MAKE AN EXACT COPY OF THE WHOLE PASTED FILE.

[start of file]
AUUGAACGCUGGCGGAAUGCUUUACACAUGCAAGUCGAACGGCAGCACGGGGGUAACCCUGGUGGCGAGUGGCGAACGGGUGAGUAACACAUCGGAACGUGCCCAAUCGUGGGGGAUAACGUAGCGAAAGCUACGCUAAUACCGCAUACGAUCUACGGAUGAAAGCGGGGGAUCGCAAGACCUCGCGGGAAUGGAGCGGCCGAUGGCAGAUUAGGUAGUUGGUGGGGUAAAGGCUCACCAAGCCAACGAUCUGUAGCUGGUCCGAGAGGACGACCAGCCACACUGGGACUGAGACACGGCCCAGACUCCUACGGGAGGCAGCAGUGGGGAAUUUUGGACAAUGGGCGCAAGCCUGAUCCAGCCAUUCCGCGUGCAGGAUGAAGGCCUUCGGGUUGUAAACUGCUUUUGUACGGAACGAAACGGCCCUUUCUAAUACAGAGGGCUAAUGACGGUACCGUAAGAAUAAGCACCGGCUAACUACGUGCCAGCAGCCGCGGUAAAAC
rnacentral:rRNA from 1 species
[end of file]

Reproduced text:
AUUGAACGCUGGCGGAAUGCUUUACACAUGCAAGUCGAACGGCAGCACGGGGGUAACCCUGGUGGCGAGUGGCGAACGGGUGAGUAACACAUCGGAACGUGCCCAAUCGUGGGGGAUAACGUAGCGAAAGCUACGCUAAUACCGCAUACGAUCUACGGAUGAAAGCGGGGGAUCGCAAGACCUCGCGGGAAUGGAGCGGCCGAUGGCAGAUUAGGUAGUUGGUGGGGUAAAGGCUCACCAAGCCAACGAUCUGUAGCUGGUCCGAGAGGACGACCAGCCACACUGGGACUGAGACACGGCCCAGACUCCUACGGGAGGCAGCAGUGGGGAAUUUUGGACAAUGGGCGCAAGCCUGAUCCAGCCAUUCCGCGUGCAGGAUGAAGGCCUUCGGGUUGUAAACUGCUUUUGUACGGAACGAAACGGCCCUUUCUAAUACAGAGGGCUAAUGACGGUACCGUAAGAAUAAGCACCGGCUAACUACGUGCCAGCAGCCGCGGUAAAAC
rnacentral:rRNA from 1 species